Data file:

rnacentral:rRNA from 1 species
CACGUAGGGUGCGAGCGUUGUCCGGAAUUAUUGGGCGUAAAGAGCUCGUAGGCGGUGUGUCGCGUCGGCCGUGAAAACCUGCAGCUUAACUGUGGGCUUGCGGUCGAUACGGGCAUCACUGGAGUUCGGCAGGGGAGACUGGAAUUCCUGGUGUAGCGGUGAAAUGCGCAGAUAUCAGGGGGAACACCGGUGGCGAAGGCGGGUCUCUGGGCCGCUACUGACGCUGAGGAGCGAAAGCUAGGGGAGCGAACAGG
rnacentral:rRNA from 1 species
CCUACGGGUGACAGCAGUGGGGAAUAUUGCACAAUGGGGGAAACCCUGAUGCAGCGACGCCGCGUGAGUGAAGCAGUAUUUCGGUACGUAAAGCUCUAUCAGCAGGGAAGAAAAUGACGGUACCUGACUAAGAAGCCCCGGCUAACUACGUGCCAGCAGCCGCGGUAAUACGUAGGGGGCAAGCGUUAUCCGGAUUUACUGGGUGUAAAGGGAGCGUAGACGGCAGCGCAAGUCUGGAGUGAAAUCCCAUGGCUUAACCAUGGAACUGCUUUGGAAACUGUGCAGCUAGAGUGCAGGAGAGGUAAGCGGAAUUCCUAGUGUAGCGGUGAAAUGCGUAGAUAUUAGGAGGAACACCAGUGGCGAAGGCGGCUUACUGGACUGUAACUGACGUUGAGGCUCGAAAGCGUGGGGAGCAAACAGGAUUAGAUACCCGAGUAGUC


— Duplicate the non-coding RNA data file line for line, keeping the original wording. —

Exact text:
rnacentral:rRNA from 1 species
CACGUAGGGUGCGAGCGUUGUCCGGAAUUAUUGGGCGUAAAGAGCUCGUAGGCGGUGUGUCGCGUCGGCCGUGAAAACCUGCAGCUUAACUGUGGGCUUGCGGUCGAUACGGGCAUCACUGGAGUUCGGCAGGGGAGACUGGAAUUCCUGGUGUAGCGGUGAAAUGCGCAGAUAUCAGGGGGAACACCGGUGGCGAAGGCGGGUCUCUGGGCCGCUACUGACGCUGAGGAGCGAAAGCUAGGGGAGCGAACAGG
rnacentral:rRNA from 1 species
CCUACGGGUGACAGCAGUGGGGAAUAUUGCACAAUGGGGGAAACCCUGAUGCAGCGACGCCGCGUGAGUGAAGCAGUAUUUCGGUACGUAAAGCUCUAUCAGCAGGGAAGAAAAUGACGGUACCUGACUAAGAAGCCCCGGCUAACUACGUGCCAGCAGCCGCGGUAAUACGUAGGGGGCAAGCGUUAUCCGGAUUUACUGGGUGUAAAGGGAGCGUAGACGGCAGCGCAAGUCUGGAGUGAAAUCCCAUGGCUUAACCAUGGAACUGCUUUGGAAACUGUGCAGCUAGAGUGCAGGAGAGGUAAGCGGAAUUCCUAGUGUAGCGGUGAAAUGCGUAGAUAUUAGGAGGAACACCAGUGGCGAAGGCGGCUUACUGGACUGUAACUGACGUUGAGGCUCGAAAGCGUGGGGAGCAAACAGGAUUAGAUACCCGAGUAGUC